LANSING, Mich. — School districts would have to conduct all school board elections in November starting in 2012 if the state Legislature approves a bill now under consideration, according to the Michigan Information & Research Service. Currently districts may conduct elections in November or May.

Rep. Kurt Heise, R-Plymouth, introduced House Bill 4006. He said it would save districts money and increase voter turnout by adding school board elections to the gubernatorial and presidential election ballots and splitting the cost with other entities, MIRS reported. The districts could still conduct millage and bond elections in May.

The Michigan Association of School Boards opposes the legislation as anti-local control, Peter Spadafore, assistant director of government relations, told the House Redistricting and Elections Committee, according to MIRS. He also said the cost savings may not be as high as estimated, particularly if a district conducts a millage election in May and then also must pay to be included in the general election that November, MIRS reported.

The House Fiscal Agency estimated the cost of school board elections in November to be $5,000 to $10,000, while running a stand-alone election costs $25,000 to $50,000, according to MIRS.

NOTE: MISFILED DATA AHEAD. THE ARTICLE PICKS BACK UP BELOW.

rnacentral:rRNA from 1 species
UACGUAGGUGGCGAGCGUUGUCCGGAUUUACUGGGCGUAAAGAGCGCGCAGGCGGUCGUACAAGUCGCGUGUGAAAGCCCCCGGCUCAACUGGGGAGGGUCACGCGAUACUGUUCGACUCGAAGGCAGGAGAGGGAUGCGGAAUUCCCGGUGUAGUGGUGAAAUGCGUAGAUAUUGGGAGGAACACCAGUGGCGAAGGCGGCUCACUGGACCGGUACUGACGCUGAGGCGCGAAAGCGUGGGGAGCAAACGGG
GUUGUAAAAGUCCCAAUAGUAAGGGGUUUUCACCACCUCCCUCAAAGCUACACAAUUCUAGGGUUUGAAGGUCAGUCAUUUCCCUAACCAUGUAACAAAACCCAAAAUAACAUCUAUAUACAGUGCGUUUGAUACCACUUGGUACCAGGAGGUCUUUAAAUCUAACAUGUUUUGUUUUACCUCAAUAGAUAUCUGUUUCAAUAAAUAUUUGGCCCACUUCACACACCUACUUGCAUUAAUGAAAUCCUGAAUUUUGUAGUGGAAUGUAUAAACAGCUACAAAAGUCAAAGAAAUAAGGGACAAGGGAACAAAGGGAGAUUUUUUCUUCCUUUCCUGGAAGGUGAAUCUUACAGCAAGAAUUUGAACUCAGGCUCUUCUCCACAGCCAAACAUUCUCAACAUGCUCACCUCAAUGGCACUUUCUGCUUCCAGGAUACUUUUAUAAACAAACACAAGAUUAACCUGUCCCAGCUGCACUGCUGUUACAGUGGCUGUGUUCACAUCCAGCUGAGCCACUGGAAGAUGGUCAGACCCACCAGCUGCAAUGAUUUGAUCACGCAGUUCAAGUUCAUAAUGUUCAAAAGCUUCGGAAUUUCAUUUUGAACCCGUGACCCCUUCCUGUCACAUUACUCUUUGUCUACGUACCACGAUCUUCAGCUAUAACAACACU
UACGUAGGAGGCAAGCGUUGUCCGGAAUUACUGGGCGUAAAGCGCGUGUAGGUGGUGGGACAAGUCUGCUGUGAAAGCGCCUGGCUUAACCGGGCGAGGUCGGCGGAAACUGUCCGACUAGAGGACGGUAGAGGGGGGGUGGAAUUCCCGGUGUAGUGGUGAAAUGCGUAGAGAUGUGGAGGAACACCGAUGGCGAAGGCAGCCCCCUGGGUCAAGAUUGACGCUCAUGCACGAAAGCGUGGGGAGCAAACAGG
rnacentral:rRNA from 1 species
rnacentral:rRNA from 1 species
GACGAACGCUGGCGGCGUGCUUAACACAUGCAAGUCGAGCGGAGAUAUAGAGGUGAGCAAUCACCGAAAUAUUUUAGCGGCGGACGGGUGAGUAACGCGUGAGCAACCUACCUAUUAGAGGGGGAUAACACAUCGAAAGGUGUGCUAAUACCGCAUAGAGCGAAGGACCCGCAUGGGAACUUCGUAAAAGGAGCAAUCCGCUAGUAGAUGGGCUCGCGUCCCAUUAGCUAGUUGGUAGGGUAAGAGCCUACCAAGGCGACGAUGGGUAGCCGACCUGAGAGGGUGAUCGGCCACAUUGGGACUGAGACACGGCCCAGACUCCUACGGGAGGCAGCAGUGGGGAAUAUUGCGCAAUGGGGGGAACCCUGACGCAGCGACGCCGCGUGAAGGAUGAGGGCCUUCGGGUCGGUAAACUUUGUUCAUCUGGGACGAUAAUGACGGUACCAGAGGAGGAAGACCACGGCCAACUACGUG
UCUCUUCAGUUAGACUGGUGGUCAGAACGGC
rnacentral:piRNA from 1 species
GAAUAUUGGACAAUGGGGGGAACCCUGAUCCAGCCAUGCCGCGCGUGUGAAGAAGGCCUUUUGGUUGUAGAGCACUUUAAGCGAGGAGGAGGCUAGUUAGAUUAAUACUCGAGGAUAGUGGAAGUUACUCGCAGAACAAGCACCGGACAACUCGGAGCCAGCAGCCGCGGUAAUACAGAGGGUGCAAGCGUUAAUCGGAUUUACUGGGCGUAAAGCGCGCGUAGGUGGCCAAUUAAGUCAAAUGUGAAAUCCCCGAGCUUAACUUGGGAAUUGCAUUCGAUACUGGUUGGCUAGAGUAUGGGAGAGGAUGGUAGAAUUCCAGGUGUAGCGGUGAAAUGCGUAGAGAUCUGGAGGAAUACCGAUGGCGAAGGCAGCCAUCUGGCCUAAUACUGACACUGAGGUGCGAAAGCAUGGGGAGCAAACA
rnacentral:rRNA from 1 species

County clerks spoke for and against the measure, MIRS reported, with Kent County’s Mary Hollinrake saying she was concerned about the November ballot becoming too long, and Macomb County’s Carmella Sabaugh saying the bills would mean a $400,000 annual savings in Macomb County as well as higher voter turnout on school funding issues.

SOURCE:
Michigan Information & Research Service Inc., “Which month costs more for school elections?” (Subscription required)

FURTHER READING:
MichiganVotes, “2011 House Bill 4006 (Require school elections be in November to revise details in the state election law to conform with the election consolidation provisions proposed by House Bill 4005)”

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